The performances of McRoberts and Blackmon showed that the Hoosiers have players capable of stepping up in Anunoby’s absence. It won’t always be them in particular but it reassured fans that the Hoosiers as a team are taking the challenge head-on instead of possibly using it as an excuse. The next few games will let us know who else on the team is ready to rise to the challenge.

Three Ways IU Can Rebound From Current Three Game Losing Streak

At the midpoint of the college basketball season, the Indiana Hoosiers are going in the wrong direction. The Hoosiers’ 75-68 loss against the Wisconsin Badgers on Tuesday night marked the third straight loss for Indiana and fourth loss in six games.

However like I said, there is still a second half of the season to play and plenty of time for the Hoosiers to rebound from this slump and peak going into March. Here are three ways Indiana can improve during the rest of the season:

More De’Ron Davis: There was a five-minute span in the second half against Wisconsin when De’Ron Davis could not be stopped. Against Badger forwards Ethan Happ and Nigel Hayes, Davis was unfazed as he was given the ball in the post on four of six possessions, scoring three times and splitting a pair of free throws on the fourth possession.

As we near midseason, Davis is now 100% healthy and is ready for more playing time. He doesn’t need to necessarily start every game with Thomas Bryant, even though the two have worked well together quite often. Davis has been brilliant offensively in the post on a limited basis, and having out on the court more may help draw defenses’ attention from the three-point line where the Hoosiers have shot just 32.8% (20 of 61) the last three games.

Avoid Live-Ball Turnovers: With the pace that Indiana plays, getting rid of turnovers altogether is going to be a tall order to fill. However, the Hoosiers can make their lives so much easier if they just limited live-ball turnovers.

The Hoosiers are capable of neutralizing their high turnover rate because their elite offensive rebounding creates enough second-chance shots to even it out. Yet it’s when a turnover is compounded by an easy basket by the opposition that it becomes too hard for the Hoosiers to overcome their mistakes. Nebraska, Louisville, and Wisconsin averaged 21 points off of turnovers during Indiana’s current losing streak. Cut that number in half and Indiana would have won two of those games.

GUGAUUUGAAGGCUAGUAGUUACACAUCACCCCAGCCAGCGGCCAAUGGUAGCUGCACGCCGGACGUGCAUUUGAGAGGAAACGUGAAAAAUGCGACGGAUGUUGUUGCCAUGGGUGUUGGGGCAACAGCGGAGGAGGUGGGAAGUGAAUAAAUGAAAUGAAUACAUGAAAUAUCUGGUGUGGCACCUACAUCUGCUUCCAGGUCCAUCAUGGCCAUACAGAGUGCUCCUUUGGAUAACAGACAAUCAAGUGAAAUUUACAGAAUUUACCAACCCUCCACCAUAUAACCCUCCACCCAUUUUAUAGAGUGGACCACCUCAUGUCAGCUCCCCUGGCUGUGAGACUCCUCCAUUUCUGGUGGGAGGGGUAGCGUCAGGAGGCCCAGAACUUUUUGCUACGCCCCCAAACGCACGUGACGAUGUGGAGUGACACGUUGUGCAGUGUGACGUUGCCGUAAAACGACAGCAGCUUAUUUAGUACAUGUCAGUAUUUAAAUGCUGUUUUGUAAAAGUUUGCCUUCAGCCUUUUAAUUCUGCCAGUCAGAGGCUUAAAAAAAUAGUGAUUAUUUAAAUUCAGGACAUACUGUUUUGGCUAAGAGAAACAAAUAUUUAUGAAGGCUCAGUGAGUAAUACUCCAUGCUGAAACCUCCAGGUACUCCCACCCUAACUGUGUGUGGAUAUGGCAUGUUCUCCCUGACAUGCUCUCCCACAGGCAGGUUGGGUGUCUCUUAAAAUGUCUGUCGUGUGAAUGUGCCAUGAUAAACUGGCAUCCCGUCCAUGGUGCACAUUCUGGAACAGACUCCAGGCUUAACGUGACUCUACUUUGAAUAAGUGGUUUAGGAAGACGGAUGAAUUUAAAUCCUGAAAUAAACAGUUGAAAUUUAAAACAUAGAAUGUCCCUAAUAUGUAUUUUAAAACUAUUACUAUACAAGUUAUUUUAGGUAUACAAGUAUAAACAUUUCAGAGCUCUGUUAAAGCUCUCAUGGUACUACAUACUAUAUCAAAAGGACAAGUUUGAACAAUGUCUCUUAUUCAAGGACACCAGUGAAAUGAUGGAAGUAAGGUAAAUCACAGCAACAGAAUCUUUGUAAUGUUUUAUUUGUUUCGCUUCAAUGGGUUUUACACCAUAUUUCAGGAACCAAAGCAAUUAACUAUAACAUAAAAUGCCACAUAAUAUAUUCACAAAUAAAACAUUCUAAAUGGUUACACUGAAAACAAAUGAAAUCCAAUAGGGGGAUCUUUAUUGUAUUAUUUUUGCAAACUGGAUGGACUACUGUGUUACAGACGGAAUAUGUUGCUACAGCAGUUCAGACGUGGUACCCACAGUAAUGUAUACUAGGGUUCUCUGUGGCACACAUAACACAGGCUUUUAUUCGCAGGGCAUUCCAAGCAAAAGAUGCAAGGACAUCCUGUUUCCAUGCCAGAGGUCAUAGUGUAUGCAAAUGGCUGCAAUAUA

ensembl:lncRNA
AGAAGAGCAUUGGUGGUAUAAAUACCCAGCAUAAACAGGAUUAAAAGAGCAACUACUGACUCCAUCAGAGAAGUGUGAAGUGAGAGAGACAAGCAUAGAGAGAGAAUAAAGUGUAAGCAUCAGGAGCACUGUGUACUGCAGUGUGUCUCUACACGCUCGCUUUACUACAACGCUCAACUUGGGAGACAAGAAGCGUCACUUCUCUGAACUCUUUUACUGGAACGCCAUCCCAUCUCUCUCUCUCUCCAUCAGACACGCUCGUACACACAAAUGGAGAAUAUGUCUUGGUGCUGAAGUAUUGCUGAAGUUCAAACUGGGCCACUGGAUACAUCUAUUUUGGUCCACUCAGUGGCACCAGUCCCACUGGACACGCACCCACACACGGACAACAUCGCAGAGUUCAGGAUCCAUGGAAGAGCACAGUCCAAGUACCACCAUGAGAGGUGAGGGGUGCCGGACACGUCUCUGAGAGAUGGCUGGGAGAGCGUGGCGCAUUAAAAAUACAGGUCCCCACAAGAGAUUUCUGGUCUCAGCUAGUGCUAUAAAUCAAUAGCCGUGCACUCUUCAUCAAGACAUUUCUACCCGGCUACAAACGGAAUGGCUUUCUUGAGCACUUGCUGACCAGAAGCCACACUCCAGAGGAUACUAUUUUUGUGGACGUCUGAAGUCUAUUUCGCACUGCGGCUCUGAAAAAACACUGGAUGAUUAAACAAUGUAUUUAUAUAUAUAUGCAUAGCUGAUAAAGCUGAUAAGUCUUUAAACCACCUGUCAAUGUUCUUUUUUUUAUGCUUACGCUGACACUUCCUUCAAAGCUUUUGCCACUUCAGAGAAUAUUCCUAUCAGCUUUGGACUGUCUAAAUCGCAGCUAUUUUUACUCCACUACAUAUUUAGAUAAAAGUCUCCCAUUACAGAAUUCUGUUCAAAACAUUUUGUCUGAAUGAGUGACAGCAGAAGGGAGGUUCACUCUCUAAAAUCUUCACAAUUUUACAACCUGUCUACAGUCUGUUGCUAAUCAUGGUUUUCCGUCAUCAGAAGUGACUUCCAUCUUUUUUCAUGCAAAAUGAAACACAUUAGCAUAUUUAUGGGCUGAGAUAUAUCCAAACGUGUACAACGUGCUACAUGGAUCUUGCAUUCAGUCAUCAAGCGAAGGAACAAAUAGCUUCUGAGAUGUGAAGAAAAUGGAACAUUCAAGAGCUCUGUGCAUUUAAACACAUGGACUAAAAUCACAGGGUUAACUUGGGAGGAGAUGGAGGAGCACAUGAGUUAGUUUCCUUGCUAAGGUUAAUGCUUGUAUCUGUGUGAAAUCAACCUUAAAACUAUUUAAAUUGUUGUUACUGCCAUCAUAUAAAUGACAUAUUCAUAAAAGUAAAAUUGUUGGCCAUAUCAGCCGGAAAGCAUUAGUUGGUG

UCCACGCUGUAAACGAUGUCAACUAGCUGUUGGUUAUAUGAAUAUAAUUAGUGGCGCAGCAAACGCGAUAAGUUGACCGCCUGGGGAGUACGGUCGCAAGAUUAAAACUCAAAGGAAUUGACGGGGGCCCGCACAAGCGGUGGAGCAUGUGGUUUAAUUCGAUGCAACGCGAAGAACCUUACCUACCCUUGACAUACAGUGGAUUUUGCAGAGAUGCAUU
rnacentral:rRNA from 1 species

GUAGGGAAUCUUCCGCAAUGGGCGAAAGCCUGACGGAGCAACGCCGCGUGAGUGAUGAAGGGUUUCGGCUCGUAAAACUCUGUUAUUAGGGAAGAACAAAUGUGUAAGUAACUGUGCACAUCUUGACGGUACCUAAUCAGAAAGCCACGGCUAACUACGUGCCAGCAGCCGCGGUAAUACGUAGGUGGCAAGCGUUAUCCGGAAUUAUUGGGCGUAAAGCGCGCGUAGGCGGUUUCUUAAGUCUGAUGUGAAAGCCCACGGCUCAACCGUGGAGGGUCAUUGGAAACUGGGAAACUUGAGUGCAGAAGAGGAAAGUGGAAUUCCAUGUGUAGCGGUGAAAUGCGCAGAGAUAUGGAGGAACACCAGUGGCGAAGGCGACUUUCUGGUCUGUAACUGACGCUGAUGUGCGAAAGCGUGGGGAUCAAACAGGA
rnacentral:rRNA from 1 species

Avoid Getting Into Big Holes: One reoccurring theme in all five of Indiana’s losses this season is that the Hoosiers have fallen behind by double-digits, causing them to exert all of their energy to even up the game again only to run out of gas near the end.

  • Fort Wayne led by 10 with 16:04 left in the first half, and then led by 12 with 9:49 left in the second half
  • Butler led by 14 at half and by as much as 16 with 19:23 left in the second half
  • Nebraska led by 12 with 10:33 left in the first half
  • Louisville led by 12 at half and by as much as 16 with 5:50 left in the second half
  • Wisconsin opened the game on a 13-0 run and led by 14 with 16:09 left in the first half

Compare that to the North Carolina game, where Indiana never trailed at all during the game. Of course it’s unrealistic to expect that in every game so let’s compare it to the Kansas game:

The Jayhawks’ biggest lead was by nine points with 18:44 left in the second half. Over the next four minutes, the Hoosiers responded with a 14-5 run that tied the game up at 56. From there the lead changed 15 times and was tied another eight times before Indiana came out on top. The reason IU did come out on top was that they took a five point lead with 3:45 left in the second half and effectively flipped the script with Kansas having to claw its way back.

I’m not saying the Hoosiers are incapable of overcoming double-digit deficits. It’s just that the Hoosiers need to find out a way to avoid falling behind by so much, because it’s a lot easier to win a game when your sole focus doesn’t become trying to overcome a big deficit.